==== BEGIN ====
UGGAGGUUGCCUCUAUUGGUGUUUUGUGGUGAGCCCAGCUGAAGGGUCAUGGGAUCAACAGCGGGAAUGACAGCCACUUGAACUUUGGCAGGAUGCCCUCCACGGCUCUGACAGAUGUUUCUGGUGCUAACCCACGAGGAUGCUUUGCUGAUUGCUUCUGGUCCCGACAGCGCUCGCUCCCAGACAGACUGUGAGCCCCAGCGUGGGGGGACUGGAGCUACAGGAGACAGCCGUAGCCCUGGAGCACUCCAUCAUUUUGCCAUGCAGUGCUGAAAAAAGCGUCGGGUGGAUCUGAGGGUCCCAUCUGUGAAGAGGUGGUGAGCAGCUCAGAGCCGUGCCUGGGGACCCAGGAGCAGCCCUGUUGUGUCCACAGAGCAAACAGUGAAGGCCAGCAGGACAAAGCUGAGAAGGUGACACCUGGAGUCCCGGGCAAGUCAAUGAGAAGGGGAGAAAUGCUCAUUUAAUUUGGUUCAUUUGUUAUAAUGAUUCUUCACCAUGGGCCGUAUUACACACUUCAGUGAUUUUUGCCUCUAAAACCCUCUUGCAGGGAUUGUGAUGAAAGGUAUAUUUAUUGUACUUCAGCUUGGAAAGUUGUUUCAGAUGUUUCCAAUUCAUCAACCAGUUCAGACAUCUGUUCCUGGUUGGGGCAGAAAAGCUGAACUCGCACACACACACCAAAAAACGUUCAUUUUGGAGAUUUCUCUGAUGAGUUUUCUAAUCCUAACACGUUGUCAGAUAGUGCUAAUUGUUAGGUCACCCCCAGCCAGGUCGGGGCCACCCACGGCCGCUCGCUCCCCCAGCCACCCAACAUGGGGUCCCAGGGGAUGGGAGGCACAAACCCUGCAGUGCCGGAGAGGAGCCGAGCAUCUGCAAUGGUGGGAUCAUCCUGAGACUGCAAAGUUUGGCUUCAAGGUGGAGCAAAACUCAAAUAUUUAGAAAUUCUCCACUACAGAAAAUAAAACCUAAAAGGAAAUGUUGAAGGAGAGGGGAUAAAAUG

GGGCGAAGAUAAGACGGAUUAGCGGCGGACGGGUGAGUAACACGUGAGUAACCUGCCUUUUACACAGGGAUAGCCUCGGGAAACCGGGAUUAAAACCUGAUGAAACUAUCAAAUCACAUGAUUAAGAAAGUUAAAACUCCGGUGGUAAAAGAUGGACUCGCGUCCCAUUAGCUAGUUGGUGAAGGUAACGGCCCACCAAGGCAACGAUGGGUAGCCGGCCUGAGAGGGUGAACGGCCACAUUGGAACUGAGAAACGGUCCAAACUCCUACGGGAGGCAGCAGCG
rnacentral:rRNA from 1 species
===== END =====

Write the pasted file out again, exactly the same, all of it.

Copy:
UGGAGGUUGCCUCUAUUGGUGUUUUGUGGUGAGCCCAGCUGAAGGGUCAUGGGAUCAACAGCGGGAAUGACAGCCACUUGAACUUUGGCAGGAUGCCCUCCACGGCUCUGACAGAUGUUUCUGGUGCUAACCCACGAGGAUGCUUUGCUGAUUGCUUCUGGUCCCGACAGCGCUCGCUCCCAGACAGACUGUGAGCCCCAGCGUGGGGGGACUGGAGCUACAGGAGACAGCCGUAGCCCUGGAGCACUCCAUCAUUUUGCCAUGCAGUGCUGAAAAAAGCGUCGGGUGGAUCUGAGGGUCCCAUCUGUGAAGAGGUGGUGAGCAGCUCAGAGCCGUGCCUGGGGACCCAGGAGCAGCCCUGUUGUGUCCACAGAGCAAACAGUGAAGGCCAGCAGGACAAAGCUGAGAAGGUGACACCUGGAGUCCCGGGCAAGUCAAUGAGAAGGGGAGAAAUGCUCAUUUAAUUUGGUUCAUUUGUUAUAAUGAUUCUUCACCAUGGGCCGUAUUACACACUUCAGUGAUUUUUGCCUCUAAAACCCUCUUGCAGGGAUUGUGAUGAAAGGUAUAUUUAUUGUACUUCAGCUUGGAAAGUUGUUUCAGAUGUUUCCAAUUCAUCAACCAGUUCAGACAUCUGUUCCUGGUUGGGGCAGAAAAGCUGAACUCGCACACACACACCAAAAAACGUUCAUUUUGGAGAUUUCUCUGAUGAGUUUUCUAAUCCUAACACGUUGUCAGAUAGUGCUAAUUGUUAGGUCACCCCCAGCCAGGUCGGGGCCACCCACGGCCGCUCGCUCCCCCAGCCACCCAACAUGGGGUCCCAGGGGAUGGGAGGCACAAACCCUGCAGUGCCGGAGAGGAGCCGAGCAUCUGCAAUGGUGGGAUCAUCCUGAGACUGCAAAGUUUGGCUUCAAGGUGGAGCAAAACUCAAAUAUUUAGAAAUUCUCCACUACAGAAAAUAAAACCUAAAAGGAAAUGUUGAAGGAGAGGGGAUAAAAUG

GGGCGAAGAUAAGACGGAUUAGCGGCGGACGGGUGAGUAACACGUGAGUAACCUGCCUUUUACACAGGGAUAGCCUCGGGAAACCGGGAUUAAAACCUGAUGAAACUAUCAAAUCACAUGAUUAAGAAAGUUAAAACUCCGGUGGUAAAAGAUGGACUCGCGUCCCAUUAGCUAGUUGGUGAAGGUAACGGCCCACCAAGGCAACGAUGGGUAGCCGGCCUGAGAGGGUGAACGGCCACAUUGGAACUGAGAAACGGUCCAAACUCCUACGGGAGGCAGCAGCG
rnacentral:rRNA from 1 species